Considerations and side effects
As with any energy-based device, there are considerations a practitioner should take to avoid adverse outcomes when using BBL. The most common contraindication seen is actively tanned skin. A patient with an active tan must not be treated for at least two weeks without sun exposure to avoid hyperpigmentation which can happen as a result of treating tanned skin. Other contraindications include natural, or medication-related light sensitivity, use of isotretinoin within six to 12 months, patients with medical conditions that affect wound healing, history of skin cancer and any active infection.7
Another consideration is treatment of non-facial tissue which tends to be thinner and more sensitive to heat. In these areas, decreased fluence and increased cooling may be necessary. Suspicious lesions should never be treated, and the patient should be referred to an appropriate dermatologist for further examination.7
Tattooed areas should be strictly avoided as the ink may absorb energy, resulting in colour change to the ink or a burn. Oedema around the eyes and bridge of the nose may occur immediately after a BBL treatment and remain for 24-48 hours.7 Purpura may occur in treated areas lasting for one to two weeks and is usually the result of too high of a fluence or too short of a pulse width. Hyperpigmentation may occur and, although all skin types can be treated with BBL, there is a high risk in darker skin types. It is normal for a patient to have a tingly sunburn sensation which may last up to 24 hours post-treatment.7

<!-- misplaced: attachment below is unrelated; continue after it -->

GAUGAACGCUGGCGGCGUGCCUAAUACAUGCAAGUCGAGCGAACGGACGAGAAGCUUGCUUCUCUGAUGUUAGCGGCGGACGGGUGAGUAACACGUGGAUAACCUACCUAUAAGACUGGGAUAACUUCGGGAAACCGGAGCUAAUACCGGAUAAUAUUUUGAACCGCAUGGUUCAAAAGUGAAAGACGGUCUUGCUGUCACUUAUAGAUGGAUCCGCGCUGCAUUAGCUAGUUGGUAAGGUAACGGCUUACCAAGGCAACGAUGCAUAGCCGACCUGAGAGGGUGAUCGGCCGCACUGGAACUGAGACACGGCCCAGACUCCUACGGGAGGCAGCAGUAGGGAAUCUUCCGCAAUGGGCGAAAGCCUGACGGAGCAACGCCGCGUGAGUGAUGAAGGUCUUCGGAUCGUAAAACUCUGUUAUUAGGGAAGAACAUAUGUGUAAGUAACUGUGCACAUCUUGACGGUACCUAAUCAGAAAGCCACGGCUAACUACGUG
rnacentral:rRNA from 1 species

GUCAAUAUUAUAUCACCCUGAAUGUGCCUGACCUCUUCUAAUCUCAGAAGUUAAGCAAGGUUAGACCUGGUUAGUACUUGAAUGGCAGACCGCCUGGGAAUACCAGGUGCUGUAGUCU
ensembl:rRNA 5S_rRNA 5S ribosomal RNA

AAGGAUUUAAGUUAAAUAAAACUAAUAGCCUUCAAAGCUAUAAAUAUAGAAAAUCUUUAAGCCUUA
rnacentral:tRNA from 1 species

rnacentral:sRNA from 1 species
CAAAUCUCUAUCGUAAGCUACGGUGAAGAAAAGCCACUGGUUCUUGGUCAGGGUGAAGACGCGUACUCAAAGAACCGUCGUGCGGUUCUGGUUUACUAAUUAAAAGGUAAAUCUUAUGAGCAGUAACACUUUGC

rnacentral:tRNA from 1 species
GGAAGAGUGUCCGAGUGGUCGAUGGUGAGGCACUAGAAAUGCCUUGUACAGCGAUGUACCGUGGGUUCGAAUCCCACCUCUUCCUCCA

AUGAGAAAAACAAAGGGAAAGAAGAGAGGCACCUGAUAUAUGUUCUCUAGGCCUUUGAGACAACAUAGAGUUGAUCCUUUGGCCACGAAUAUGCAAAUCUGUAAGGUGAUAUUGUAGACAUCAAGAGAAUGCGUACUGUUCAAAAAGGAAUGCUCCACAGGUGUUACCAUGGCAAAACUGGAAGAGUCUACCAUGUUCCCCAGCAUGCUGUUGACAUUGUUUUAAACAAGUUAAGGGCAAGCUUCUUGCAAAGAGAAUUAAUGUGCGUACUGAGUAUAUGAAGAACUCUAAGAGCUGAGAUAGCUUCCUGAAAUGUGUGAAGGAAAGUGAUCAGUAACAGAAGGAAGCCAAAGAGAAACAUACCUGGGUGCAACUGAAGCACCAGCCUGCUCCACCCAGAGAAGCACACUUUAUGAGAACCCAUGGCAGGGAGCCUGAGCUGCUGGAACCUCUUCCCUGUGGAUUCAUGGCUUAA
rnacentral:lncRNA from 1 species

An advancement of IPL
As well as improving solar lentigines and common skin concerns associated with photoageing, BBL offers a wide variety of treatments in a single technology. A proven foundation of skin rejuvenation therapy combined with innovative treatment enhancements make BBL an advanced treatment protocol.
1. Dermascopia, ‘Solar Lentigines’, 2019, <https://dermoscopedia.org/Solar_lentigines>
2. Ortonne J, et al. ‘Treatment of solar lentigines’, Journal of the American Academy of Dermatology, 2006, <https://pubmed.ncbi.nlm.nih.gov/16631967/>
3. Ibrahim S, Cohen J, ‘Power of Two, Modern Aesthetics’,(2021), p.2
4. Dibernard B, Pozner J, ‘Intense Pulsed Light Therapy for Skin Rejuvenation’, Clinics in Plastic Surgery, (2016), p.538.
5. Bitter P, et al. ‘New BBL Hero Offers Unprecedented Results for the Face and Body’, Prime Journal, (2021), p.13.
6. Goldberg D, ‘Current Trends in Pulsed Light’, The Journal of Clinical and Aesthetic Dermatology (2012).
7. Sciton, ‘Clinical In-Service Training’, 2020, <http://scitonpro.com/clinicaldocuments>
8. Carruthers J, Carruthers A, ‘The Effect of Full-Face BroadBand Light Treatments Alone and In Combination with Bilateral Crow’s Feet Botulinum Toxin Type A Chemodenervation’, Dermatol Surg, (2004), p. 355-66.